Sunday, July 24, 2011
The Wild Hare
316 White Bridge Road
The West side has needed this for some time now: The Wild Hare combines an eclectic, affordable menu with a comfortable, family-friendly dining room. The informal attitude is well-balanced with sharp cooking skills. All of that adds up to one of the better recent Nashville restaurant debuts. Brian Bills was co-owner of the Blue Moon Cafe and runs the place with his wife Elizabeth. They have brought in Jon Smyth from Cabana as chef. The word seems to be out. The parking lot was packed and the dining room buzzing at 12:30 p.m. on a recent Friday. They had the restaurant well staffed on the days we visited, keeping pace with the crowd.
The Wild Hare has only been open a few weeks and there is still plenty to be done on the exterior. Don’t let the dirt parking lot and non-existent landscaping scare you away. You’ll be greeted at the door by the staff and step into a bungalow of sorts, with low ceilings, bright red paint and funky decorating. For whatever reason those low ceilings keep making me think of the Hobbit homes in Lord of the Rings. It does make for a cozy dining experience. Long wood booths are big enough for a family and the staff even has Cheerios and raisins on hand to keep the kiddos happy.
Check out the list of microbrews to get a feel for what this place is about. Butternut’s Pork Slap Ale anyone? How about a milk stout? Sure, they have the usual American favorites, but the small list of unusual brews says a lot about the joint. The PBR tallboys also say something good. There is a general lack of pretention at The Wild Hare.
The wedge salad may surprise a bit on presentation: it’s a do it yourself, de-constructed version that provides a solid wedge, fried goat cheese croquet, roasted red peppers, cherry tomatoes and avocado. It allows you to mix and match to your own desires. The tomato stack is a cool, refreshing tower of mozzarella, basil, balsamic and a watermelon cucumber salsa. It’s summery and a great starter. The beer battered mushrooms are huge, juicy and yet with a tempura-style fry that helps them keep their inherent mushroomness. The smoked Gouda dipping sauce is fondue-like and a rich match for the fungi.
Beer can chicken is served in a wide bowl with broth lining the bottom. It’s an indication of just how juicy this bird is, and even better, how flavorful. The chicken is perfectly cooked and the basting gives it a real depth. Mac and cheese comes out of the kitchen in a heavy cast iron serving dish. The firm noodles go well with the sticky cheese sauce. It’s understated in seasoning and needs a little pepper to perk it up. Deviled eggs get some help from what appears to be a smoked cheese of some sort, perhaps the aforementioned Gouda. It’s an unusual twist that helps elevate the Southern standard. Fresh greens and okra round out the plate for a nice garnish.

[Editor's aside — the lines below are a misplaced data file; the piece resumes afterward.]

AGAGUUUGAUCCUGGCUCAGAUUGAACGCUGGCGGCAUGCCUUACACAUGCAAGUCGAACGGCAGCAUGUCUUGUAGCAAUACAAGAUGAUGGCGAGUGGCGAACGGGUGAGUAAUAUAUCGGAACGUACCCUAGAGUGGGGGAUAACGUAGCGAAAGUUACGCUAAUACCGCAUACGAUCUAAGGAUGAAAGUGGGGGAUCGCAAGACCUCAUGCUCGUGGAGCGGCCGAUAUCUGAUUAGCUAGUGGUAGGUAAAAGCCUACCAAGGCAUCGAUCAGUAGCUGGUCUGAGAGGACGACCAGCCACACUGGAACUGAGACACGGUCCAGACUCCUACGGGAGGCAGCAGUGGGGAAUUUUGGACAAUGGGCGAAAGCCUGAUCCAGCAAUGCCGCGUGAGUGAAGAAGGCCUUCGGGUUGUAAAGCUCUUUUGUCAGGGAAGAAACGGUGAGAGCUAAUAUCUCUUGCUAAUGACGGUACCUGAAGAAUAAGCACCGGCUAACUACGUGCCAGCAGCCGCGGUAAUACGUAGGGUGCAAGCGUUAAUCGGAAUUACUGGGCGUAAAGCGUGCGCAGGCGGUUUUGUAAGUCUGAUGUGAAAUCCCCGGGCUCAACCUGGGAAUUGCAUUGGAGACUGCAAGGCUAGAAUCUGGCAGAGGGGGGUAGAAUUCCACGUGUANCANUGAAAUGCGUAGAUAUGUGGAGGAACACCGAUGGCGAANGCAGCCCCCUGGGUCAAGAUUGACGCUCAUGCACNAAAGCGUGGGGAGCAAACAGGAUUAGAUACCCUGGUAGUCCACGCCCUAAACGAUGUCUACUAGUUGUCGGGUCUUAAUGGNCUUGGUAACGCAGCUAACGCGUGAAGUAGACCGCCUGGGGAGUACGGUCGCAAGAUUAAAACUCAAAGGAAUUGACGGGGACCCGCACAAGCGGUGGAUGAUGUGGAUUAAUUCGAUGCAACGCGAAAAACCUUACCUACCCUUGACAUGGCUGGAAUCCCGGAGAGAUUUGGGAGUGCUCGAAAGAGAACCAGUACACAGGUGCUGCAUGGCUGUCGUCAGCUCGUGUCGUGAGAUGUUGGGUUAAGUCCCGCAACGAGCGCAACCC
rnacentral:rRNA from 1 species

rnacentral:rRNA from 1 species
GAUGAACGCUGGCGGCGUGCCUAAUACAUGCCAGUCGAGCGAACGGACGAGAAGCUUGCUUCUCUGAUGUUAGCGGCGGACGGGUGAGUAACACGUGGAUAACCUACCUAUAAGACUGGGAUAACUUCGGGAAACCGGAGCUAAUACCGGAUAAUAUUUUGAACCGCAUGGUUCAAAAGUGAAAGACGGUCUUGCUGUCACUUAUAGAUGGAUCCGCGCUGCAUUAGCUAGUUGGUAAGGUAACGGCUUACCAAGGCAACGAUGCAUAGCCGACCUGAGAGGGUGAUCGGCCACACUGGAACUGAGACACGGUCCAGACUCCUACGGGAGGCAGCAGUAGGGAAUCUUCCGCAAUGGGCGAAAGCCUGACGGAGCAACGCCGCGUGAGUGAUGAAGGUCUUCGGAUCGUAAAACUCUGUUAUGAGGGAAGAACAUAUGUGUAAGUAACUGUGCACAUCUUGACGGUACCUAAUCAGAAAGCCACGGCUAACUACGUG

Pizzas seem to be popular, based on how many tables had the pies as a centerpiece of lunch. Zesty tomato sauce and fresh toppings may be part of the reason. Zucchini, squash, portabella and tomato made our veggie pizza almost like eating a nicely marinated and grilled garden. The kitchen tends to make a thicker crust than what you might have come to expect from a wood-fired oven, but it keeps with the country cooking style of the place. Paying $7 for a pie as good as this is an absolute steal.
Veggie Eater: The menu has many veggie options for appetizers, sides and salads, including the veggie pizza. Alas, not a single veggie friendly sandwich or entrée could be found on our visits. So, the first time, I enjoyed a variety of appetizers along with salad and pizza with the Meat Eater, leaving not much else for me to try the next visit. On the next visit, I asked for the grilled cheese, Benton’s bacon on the side for the Meat Eater. It consists of hearty thick-sliced whole grain bread, big tomato slices, and cheese (perhaps Emmentaler?). The sandwich is served solo and appears a bit lonely on the plate. Sides cost extra.
Good, funky music mix adds to an enjoyable meal; something about the Clash always perks me up. Servers were attentive and seem to genuinely be proud of the product they were bringing to the table.
Meat Eater: Despite the fact that sides come al la carte, the prices are simply unbeatable for the quality of food. We appreciate the fact that they are treating customers fairly and we think it will build a strong loyalty for the establishment. They opened with just lunch service and have since added dinner and cocktails thanks to a liquor license. We hope they keep their unique vision and continue to grow The Wild Hare. It’s about time West Nashville had a little East Nashville style.
We paid $33 with tax and tip on one visit and $29 on another visit.